Thursday, April 14, 2016
I came to Budapest 10 months ago with few suppositions and even fewer ideas of what I was to expect from this mysterious, landlocked nation. If were honest with myself, I’d quickly admit that I wasn’t able to point out the former capital of Austria-Hungary on the map; if I could be any more truthful than that, I’d also say that, until June last year, I wasn’t able to tell Budapest and Bucharest apart.
When I leave this magical city a few days from now, I will have spent all four seasons in a country for the first time outside of South Africa and Taiwan. The only other time I have spent more than a handful of months in a country was between the years 2013 and 2014, while studied in Nizhny Novgorod, Russia, for about seven months.
It’s an interesting thought, to call somewhere “home” for a year, while my status is neither a student nor a local citizen. A “nomad”, or more precisely a “digital nomad”, is what they call themselves. Do I fall under this category? Probably. Someone who works online and lives in a foreign country—it is, apparently, that simple.
Speaking of work, my job as an editor and copyeditor entails spending several hours a day in front of the computer writing. Writing—this constant bashing of keys on the laptop; this mundane activity which has taken over the world of communications for what has now been decades. After a day of this finger-straining practice, there is rarely any spark left in me to make me want to pull up a blank page and type. Frankly, between translating Chinese state-run media reports and editing copy from foreign correspondents, I’ve etched out enough vowels and consonants to last me a lifetime.
But when all mental energy is spent; when the weariness of the mind is superior to that of the body, a quick look out the window ignites novelty and rekindles my desire to write—not for business, but for pleasure, for leisure, and for joy.
When I peak out the window and squint at roadsigns and advertisements written in a foreign tongue, it serves as a quick reminder of where I am—not home. Curiosity and freshness are quickly sated in a familiar environment, but the same cannot be said when you’re constantly on the move, like a “nomad”, from one watering hole to next; from this oasis to that.
I am at Matinée (again), the little cafe hidden on a street corner, deftly camouflaged from throngs of tourists preying on the shops of the city’s longest avenue—Andrássy.
Kings of Convenience rings out in my earphones as I stare out the arched window next to my seat at the passers-by below. There is a little wooden nest box, painted red, yellow, and green, tied to the tree on the street corner. I’ve never heard a chirp from it, but as we enter spring, perhaps soon.
There are fluffy dogs and bicycles aplenty on these streets, as well as the occasional pretty tourist hauling her silver suitcase down the street, just as I did almost one year ago.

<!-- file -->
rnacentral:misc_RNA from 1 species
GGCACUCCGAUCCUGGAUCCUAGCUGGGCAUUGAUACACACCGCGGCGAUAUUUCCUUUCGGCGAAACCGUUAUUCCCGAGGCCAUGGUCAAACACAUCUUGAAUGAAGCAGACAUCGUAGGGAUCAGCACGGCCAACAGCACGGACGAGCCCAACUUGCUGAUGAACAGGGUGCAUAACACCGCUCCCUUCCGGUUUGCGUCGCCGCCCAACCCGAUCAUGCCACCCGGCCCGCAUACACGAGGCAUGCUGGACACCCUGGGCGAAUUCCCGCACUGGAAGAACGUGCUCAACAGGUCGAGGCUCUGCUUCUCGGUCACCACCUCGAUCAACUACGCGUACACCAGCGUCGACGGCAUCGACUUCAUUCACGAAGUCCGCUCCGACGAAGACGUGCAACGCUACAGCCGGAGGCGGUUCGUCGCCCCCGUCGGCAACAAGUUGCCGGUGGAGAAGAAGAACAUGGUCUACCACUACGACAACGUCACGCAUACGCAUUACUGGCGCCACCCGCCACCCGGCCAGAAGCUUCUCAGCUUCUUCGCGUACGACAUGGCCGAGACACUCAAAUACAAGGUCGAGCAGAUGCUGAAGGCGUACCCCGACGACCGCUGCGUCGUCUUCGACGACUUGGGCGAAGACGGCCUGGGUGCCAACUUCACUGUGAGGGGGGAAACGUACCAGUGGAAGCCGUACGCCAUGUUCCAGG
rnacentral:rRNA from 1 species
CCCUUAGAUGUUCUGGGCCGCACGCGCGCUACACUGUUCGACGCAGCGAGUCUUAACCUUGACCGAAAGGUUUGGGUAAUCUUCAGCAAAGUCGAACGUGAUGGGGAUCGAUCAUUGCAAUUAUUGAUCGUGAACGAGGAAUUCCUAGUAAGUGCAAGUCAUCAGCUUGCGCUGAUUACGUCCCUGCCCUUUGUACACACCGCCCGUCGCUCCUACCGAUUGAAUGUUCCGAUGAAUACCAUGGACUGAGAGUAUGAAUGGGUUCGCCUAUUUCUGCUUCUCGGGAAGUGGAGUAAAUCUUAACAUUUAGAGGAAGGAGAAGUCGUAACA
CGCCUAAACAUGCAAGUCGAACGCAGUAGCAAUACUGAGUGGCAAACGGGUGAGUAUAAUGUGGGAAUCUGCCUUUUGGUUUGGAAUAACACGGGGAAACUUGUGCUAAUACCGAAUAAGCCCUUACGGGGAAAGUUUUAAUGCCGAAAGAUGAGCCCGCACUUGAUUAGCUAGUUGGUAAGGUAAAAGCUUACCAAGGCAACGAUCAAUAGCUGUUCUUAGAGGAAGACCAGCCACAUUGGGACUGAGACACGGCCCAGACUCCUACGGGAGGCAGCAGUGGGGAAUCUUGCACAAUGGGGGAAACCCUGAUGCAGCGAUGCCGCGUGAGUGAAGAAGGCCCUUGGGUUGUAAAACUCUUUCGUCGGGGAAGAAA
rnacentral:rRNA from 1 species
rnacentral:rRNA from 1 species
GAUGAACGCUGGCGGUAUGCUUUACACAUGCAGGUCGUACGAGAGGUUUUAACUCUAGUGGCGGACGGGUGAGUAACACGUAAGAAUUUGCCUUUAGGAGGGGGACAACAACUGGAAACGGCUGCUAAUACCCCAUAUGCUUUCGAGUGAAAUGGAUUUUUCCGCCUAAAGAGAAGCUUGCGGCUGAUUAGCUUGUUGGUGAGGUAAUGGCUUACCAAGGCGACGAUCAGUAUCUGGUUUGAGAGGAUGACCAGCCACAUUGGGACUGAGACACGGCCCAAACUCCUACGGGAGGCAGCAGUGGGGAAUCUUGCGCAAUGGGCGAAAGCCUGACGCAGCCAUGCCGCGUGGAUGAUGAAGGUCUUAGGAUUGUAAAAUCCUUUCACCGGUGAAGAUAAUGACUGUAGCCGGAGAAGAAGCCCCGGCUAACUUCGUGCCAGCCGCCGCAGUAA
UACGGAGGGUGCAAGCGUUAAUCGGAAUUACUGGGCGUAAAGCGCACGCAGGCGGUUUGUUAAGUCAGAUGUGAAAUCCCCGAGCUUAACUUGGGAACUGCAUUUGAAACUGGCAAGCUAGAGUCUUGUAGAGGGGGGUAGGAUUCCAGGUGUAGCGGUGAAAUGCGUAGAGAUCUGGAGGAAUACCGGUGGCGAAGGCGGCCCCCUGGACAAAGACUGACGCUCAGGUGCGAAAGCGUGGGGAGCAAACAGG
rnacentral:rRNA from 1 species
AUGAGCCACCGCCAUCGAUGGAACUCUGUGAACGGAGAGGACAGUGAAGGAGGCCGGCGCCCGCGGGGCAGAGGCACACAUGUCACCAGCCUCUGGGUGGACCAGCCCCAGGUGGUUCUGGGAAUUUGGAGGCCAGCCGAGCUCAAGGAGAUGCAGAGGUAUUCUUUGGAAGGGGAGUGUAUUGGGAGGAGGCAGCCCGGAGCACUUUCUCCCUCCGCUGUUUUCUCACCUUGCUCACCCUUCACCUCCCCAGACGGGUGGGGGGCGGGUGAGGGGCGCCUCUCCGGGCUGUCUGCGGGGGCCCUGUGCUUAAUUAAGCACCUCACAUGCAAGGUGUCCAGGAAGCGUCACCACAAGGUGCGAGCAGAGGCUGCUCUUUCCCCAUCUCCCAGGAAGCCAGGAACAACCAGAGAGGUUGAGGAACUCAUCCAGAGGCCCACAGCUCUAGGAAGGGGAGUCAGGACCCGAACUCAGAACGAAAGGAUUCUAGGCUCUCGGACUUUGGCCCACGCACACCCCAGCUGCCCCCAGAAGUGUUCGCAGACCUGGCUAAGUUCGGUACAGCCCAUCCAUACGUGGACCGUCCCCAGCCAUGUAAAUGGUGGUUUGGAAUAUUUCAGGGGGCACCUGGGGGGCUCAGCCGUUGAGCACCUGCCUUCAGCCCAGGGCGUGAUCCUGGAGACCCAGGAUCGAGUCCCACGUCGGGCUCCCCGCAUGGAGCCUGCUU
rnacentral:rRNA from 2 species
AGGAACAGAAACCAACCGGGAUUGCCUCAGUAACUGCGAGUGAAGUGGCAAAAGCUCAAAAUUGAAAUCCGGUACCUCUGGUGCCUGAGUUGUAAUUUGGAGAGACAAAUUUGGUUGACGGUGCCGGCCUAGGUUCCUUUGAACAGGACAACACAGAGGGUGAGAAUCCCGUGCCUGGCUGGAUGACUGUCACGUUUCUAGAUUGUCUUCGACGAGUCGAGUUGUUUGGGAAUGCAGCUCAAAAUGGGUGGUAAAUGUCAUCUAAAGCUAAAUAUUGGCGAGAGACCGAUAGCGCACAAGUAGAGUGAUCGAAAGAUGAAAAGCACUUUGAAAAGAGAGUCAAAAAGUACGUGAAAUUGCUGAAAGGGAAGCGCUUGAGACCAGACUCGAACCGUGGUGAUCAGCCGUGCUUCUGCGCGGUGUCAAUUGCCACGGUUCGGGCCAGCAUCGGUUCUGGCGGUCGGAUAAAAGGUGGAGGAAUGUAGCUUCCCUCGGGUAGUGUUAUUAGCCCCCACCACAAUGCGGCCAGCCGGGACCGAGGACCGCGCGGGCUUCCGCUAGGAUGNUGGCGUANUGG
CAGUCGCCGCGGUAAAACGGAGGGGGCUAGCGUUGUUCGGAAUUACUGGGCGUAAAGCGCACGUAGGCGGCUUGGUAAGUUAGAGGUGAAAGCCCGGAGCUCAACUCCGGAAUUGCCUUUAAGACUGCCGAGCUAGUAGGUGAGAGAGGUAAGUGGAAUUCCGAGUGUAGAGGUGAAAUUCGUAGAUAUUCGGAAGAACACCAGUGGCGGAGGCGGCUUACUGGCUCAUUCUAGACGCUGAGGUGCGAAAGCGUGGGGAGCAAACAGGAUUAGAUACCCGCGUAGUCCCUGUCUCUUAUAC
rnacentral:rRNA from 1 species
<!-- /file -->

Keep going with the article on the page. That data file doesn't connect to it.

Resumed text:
It’s easy to forget how beautiful this city is, in its own way. It’s old, bulky residential buildings comfort me, even if it they aren’t the most eye-catching collection of edifices in this part of the world. Vienna, after all, is just around the corner and extremely difficult to top in terms of architectural brilliance. But Budapest is…well, Budapest. It’s atmosphere is second to none, just like the cafe I now write from. I’ll be hard-pressed to find another like this when I cross the border into Croatia a few days from now. But I will.
It’s always hard to leave a place you like, but as my flatmate, Tom, remarked when explaining his departure from Berlin: it’s good to feel just the right amount of nostalgia.
Having arrived in Budapest with no expectations, this city has truly grown on me. And considering I only decided to come here three months before I left Taiwan, I really couldn’t ask for more.
When explaining why I chose Budapest, I always tell the same story about that night I sat down at Cafe 515 in Taipei with Katalin, a Hungarian who used to study with me during my university days. (I don’t know why I phrased it that way; it makes me sound ancient.)
Kata, ever the explorer herself—she’s current backpacking through Central and South America—told me about Budapest, the city in which she did her degree in sinology, and I surmised that it was the perfect city for an entry-level European experience. I wasn’t wrong.
Every time I explain to my friends what life is like in Budapest, I constantly repeat the words “simple” and “chill”, also never neglecting how comfortable I feel here, being, for the most part, anonymous. Nobody cares who I am here in Hungary, and I’m just fine with that. Maybe it’ll be the same in Zagreb—who knows?
When I close my eyes and think about Budapest, the first things that come to mind are the spacious Heroes’ Square and the majestic Hungarian Parliament, whose corners, arches, and domes have always brought a smile to my face.
When I think about Budapest, I also think about the Danube, the Duna, and the way it always calls to me and stops me in my tracks. I adore water—the freedom it grants when I’m in it and the stillness it affords when I stare at it.
The Danube runs through Croatia as well, but sadly not through its capital, for there I will have the Sava to meet and greet. Coincidentally, the Sava is a tributary of the Danube. I’m sure it has its own personality and its own rhythm as it arches through Zagreb.
I cannot conclude this journal entry with a parting thought, because I have fallen in love with this city and I don’t want to let it go. I will return, even if just for a day, to say szia and szervusz, and to enjoy the reflections of the winding Duna once more.
Viszlát, Budapest. JSF.
A gallery of my time in Budapest, Hungary can be found here.